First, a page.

Jenni Fallein featured at Dances with Words
Nov 17th, 2010
Written by Kaitlin Ens
UMW News Bureau
Dillon resident and Three Bridges Yoga instructor Jenni Fallein will be the featured reader at the Nov. 18 Dances with Words reading at the University of Montana Western. By Kaitlin Ens
Dillon resident and Three Bridges Yoga instructor Jenni Fallein will be the featured reader at the Nov. 18 Dances with Words reading at the University of Montana Western. Fallein’s Thursday reading will begin at 7:30 p.m. in UMW’s coffee shop, The Cup, located on the lower level of the Swysgood Technology Center.
Montana Western’s English department sponsors the Dances with Words series, which features spoken word by both local and visiting writers and poets. The public is always welcome to this free series.
Fallein plans to read from her recently published book of poems “If Beauty Were a Spy.”
“It's my first volume of published poems,” Fallein stated. “It takes place over about 12 years of caring for three different people, two of whom had rare neurological disorders. It's not all gloom and doom; there are other observations and topics, and there is humor, but it is largely a book about caregiving and the process of dying.”
Fallein’s love of writing was ingrained in her from an early age.
“I come from a culture of writing,” Fallein explained. “My grandmother was a scribbler of sorts. My son is a novelist and also invented Gumball Poetry, poems in gumball machines which got all of us fired up about poetry.”
After studying with Bill Kittredge and writing her own short stories, Fallein says she moved on to being a singer-songwriter.
“I worked as a blood drawer in nursing homes,” Fallein recalled. “Hearing all of those stories, the old people sitting on their memories with no where to put them. I'd come home and write their story into a song.”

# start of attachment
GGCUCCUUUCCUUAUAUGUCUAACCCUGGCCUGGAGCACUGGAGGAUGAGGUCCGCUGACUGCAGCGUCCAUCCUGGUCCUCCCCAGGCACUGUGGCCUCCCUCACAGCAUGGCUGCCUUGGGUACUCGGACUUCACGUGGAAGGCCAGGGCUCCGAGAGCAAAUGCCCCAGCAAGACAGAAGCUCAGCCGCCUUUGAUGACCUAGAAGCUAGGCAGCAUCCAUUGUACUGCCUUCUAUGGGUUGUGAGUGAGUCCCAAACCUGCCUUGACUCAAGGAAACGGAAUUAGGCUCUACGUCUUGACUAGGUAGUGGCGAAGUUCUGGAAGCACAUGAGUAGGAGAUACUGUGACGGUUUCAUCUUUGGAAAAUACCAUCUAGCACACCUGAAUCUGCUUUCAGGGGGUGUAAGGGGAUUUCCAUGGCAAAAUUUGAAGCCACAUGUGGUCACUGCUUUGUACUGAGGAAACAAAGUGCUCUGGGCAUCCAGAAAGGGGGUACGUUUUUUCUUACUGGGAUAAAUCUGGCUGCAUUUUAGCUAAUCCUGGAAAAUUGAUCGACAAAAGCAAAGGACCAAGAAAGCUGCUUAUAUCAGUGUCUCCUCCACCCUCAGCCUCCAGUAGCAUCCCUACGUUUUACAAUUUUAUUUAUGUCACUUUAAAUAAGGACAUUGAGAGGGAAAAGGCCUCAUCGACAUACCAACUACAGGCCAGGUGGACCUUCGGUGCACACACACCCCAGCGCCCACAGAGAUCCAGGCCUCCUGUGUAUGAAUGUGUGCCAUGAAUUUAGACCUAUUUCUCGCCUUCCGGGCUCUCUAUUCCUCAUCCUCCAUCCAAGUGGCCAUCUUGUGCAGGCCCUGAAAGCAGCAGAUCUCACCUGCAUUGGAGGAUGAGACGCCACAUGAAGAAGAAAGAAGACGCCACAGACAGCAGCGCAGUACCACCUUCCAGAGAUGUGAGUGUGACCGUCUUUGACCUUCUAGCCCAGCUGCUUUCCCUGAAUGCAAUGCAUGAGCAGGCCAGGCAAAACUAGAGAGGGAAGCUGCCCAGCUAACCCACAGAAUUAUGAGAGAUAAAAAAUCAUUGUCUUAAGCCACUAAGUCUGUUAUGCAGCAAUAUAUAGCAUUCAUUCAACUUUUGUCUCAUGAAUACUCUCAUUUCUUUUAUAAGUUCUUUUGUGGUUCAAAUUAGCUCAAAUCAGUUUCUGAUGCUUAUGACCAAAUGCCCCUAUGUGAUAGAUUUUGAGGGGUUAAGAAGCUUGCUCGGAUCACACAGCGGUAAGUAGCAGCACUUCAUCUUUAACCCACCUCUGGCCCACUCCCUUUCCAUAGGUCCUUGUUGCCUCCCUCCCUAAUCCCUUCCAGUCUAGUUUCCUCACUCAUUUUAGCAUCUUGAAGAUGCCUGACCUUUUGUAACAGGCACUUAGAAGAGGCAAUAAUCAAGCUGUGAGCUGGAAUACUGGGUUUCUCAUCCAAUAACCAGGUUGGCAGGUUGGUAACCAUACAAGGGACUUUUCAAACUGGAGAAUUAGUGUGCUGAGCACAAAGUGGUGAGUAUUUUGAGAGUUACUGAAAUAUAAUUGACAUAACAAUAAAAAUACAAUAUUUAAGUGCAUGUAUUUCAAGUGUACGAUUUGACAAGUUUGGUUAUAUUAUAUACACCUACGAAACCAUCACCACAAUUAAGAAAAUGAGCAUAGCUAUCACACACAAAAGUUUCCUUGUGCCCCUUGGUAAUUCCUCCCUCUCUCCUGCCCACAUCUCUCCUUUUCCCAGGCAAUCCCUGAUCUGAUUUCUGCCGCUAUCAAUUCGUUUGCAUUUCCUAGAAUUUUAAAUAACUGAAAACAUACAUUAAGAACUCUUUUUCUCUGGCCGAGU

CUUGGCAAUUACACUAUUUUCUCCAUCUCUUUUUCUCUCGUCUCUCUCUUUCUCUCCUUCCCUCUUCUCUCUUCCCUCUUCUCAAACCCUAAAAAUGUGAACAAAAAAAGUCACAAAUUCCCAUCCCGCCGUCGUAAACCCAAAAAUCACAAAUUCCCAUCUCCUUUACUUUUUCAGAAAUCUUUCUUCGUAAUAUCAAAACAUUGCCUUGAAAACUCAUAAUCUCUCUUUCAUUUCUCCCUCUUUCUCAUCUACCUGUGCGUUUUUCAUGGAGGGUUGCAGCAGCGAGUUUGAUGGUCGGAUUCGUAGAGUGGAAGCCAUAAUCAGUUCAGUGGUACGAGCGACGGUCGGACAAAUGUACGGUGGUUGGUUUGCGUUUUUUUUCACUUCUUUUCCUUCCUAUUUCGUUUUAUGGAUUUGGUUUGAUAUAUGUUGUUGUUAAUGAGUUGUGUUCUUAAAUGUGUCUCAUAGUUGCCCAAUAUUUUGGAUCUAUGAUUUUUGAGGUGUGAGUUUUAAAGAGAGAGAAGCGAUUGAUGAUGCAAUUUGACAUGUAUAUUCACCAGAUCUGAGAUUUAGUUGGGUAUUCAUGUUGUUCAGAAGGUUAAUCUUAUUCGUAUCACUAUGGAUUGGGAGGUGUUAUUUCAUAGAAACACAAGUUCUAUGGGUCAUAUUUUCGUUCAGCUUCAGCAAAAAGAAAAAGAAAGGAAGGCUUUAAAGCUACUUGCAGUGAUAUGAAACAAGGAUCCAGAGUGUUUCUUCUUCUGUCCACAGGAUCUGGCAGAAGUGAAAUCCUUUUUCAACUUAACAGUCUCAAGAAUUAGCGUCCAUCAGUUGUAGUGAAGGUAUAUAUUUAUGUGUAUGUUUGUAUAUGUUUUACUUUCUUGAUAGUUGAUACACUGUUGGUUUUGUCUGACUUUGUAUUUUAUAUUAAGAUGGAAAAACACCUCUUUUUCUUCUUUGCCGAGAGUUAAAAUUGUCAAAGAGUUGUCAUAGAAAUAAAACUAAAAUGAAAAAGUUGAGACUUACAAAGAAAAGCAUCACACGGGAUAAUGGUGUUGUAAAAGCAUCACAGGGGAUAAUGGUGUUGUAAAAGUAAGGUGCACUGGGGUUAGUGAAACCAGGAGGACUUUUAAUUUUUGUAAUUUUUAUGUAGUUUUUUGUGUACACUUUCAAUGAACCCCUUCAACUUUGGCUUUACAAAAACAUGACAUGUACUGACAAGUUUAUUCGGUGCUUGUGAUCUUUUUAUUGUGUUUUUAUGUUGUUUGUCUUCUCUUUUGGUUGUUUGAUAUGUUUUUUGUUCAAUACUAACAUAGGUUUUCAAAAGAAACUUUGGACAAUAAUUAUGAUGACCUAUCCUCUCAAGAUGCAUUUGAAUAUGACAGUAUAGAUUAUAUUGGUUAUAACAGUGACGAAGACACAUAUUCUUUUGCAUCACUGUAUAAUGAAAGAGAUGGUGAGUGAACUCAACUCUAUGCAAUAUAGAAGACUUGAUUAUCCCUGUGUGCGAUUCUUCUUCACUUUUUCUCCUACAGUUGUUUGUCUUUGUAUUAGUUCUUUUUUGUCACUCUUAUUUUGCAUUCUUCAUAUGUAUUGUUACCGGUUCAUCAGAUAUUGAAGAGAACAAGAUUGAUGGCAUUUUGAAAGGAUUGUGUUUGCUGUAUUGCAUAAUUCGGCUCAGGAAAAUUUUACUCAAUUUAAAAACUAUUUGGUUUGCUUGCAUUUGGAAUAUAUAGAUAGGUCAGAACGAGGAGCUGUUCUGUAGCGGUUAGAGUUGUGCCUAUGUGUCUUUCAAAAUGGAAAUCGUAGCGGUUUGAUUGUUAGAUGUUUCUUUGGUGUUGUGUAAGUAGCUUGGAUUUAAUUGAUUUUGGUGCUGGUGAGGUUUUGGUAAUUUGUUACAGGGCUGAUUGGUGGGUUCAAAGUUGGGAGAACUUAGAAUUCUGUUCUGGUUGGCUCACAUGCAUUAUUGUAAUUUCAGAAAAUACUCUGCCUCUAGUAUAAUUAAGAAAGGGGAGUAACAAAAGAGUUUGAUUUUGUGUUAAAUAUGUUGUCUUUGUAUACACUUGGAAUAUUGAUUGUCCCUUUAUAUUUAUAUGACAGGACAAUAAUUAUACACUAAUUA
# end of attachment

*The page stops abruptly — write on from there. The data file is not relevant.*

Fallein performed in coffee houses in Spokane, Wash. before going to China in 1997 with fellow poet and essayist Roger Dunsmore, a current Montana Western professor and former professor at The University of Montana. Upon their return Fallein and Dunsmore started a poetry circle in their home. The poetry circles, which they have continued, motivated Fallein to keep writing.
“I think of poetry as something you can do one-handed, driving down the highway, or on the back of your grocery list,” Fallein said of her writing practice. “I always scribble down ideas and phrases, but it's having to show up at the weekly poetry circle that motivates me to finish the poem, to edit it.”
The poetry circles have also motivated her writing in other genres. “The Galling Debacle of Palsy” is a fictional novel she is in the progress of writing.
“For me, even the fiction is partly autobiographical,” Fallein stated. “You write it as fiction so your family won't hate you and your neighbors won't sue you, but for sure they will still notice themselves in there somewhere. Plus, it allows you to say the things that in hindsight you wished you would have said.”
As a regular listener at the readings Fallein says she was very honored to have the opportunity to read at Dances with Words.
“Readings are important in that the audible voice you give to the work is the voice in which you wrote it,” Fallein explained. “It enlightens the work, and it gets the work out there. If you think you wrote about something that matters, then to present it to the public is almost a service, a giving back to the community you care about.”
Fallein deeply appreciates the act of writing as well as other artistic forms. She says she still enjoys putting poetry to song and also has a new showing of artwork at Venus Rising in Butte, Mont. on Dec. 3.
“I don't write just to be a writer,” she added. “I write as a process for life.”
The university and local patrons fund the Dances with Words series. The next Dances with Words will feature David Abrams on Dec. 2.